What Is Indexing for Document Scanning & Digital Mailroom?

August 24th, 2017 | Posted by Kevin Corley in Document and Information Capture | Document Management | Document Scanning

Many people are familiar with document scanning, whether it’s part of a backfile scanning project or for ongoing digital mailroom scanning. But how do you find these documents after they’re scanned?

The lesser known practice of “document indexing” is the answer, but what is it and why should you care?

To begin, there are two types of indexing: metadata and full-text.


Indexing serves as metadata (aka keywords) for over document scanning. Typically, our document scanning clients provide a manifest of what needs to be scanned and what types of documents need to expect. We then identify the right mix of metadata that will help to serve as unique identifiers. Metadata indexing examples include:

  • Invoice, PO, waybill, and work order number
  • Employee name, employee number and social security number
  • Student name, ID, school, and social security number
  • Patient name, doctor and social security number
  • Date
  • Site ID
  • Any other unique identifier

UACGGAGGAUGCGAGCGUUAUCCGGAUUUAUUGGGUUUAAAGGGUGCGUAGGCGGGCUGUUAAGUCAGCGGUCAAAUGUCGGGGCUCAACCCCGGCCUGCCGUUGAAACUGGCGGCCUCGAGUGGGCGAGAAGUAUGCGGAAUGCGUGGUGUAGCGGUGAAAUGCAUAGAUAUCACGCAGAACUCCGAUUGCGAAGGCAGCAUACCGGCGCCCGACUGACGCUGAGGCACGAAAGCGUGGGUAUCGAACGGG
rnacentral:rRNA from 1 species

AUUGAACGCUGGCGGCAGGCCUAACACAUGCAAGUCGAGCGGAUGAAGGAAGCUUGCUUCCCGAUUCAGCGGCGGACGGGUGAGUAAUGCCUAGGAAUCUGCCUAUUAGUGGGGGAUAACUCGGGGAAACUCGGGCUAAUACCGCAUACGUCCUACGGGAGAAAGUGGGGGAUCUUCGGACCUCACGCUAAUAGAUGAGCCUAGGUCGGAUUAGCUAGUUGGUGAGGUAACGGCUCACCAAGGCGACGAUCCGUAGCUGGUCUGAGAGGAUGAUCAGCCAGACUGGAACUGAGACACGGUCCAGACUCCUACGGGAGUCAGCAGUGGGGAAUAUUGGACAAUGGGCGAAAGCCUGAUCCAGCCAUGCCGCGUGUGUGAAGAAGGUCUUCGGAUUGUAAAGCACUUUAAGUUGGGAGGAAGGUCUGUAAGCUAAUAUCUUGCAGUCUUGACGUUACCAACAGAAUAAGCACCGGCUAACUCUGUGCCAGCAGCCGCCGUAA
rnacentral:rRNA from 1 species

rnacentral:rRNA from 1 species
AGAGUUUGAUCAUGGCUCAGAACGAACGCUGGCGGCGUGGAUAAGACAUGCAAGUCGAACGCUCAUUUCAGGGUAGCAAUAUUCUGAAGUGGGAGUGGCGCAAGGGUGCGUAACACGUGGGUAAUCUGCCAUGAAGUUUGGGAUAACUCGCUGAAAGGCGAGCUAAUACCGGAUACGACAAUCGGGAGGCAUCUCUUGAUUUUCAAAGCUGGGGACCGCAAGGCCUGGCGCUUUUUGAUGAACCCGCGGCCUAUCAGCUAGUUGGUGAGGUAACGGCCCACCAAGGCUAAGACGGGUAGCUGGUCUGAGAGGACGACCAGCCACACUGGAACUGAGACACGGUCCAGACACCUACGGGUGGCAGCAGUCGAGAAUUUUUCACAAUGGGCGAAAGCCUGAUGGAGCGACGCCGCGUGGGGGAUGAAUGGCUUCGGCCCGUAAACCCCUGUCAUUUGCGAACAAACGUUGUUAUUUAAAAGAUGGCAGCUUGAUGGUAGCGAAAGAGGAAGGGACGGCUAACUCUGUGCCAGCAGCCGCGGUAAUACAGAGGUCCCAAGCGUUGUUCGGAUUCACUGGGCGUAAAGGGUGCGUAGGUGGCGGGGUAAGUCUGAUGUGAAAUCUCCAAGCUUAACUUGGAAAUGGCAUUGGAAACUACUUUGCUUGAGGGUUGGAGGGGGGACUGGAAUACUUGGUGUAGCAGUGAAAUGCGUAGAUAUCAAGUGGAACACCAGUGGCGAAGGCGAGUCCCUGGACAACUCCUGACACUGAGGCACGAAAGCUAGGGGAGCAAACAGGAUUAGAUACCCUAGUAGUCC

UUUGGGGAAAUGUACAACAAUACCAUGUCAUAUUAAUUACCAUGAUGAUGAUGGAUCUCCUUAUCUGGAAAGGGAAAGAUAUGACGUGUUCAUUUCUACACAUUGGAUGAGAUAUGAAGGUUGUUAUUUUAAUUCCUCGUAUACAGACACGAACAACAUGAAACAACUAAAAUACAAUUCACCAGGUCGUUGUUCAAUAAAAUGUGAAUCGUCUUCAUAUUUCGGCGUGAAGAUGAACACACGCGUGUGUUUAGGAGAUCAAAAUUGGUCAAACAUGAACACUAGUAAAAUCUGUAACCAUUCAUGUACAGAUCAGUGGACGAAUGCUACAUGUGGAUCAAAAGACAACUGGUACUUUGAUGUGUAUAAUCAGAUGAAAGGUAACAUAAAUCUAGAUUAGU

Barcodes can help to automate metadata indexing to eliminate manual data entry (and subsequent mistakes).

Full-Text Indexing & The Role of OCR

Full-text indexing refers to when optical character recognition (OCR for machine print) or intelligent character recognition (ICR for hand print) is used to index all or part (zonal) of documents scanned.

OCR can happen at scan time or post-scanning. The former slows down scanning by 30%. The latter can be done as a function of the document capture system (software that drives the scanner) or in your content/document management system, and is performed faster on a searchable PDF.

Typically, we provide a searchable PDF image for all documents scanned. Document management software like ApplicationXtender (AX) includes a full text OCR capability that populates a database with indexing metadata and adds a pointer so it can be found later.

The only time full-text OCR is needed is when searches beyond metadata need to be conducted, whether its for other types of information like “Seminole County bridge” or if someone is data mining an archive. Otherwise, OCR can add unnecessary cost and may not really be needed.

Still Have Questions?

Give us a call at (800) 956-9000 to learn what you really need to instantly find your electronic documents after they’re scanned. We can also help you build a document manifest and think through the right metadata.

Contact us to learn more about ECM implementation best practices

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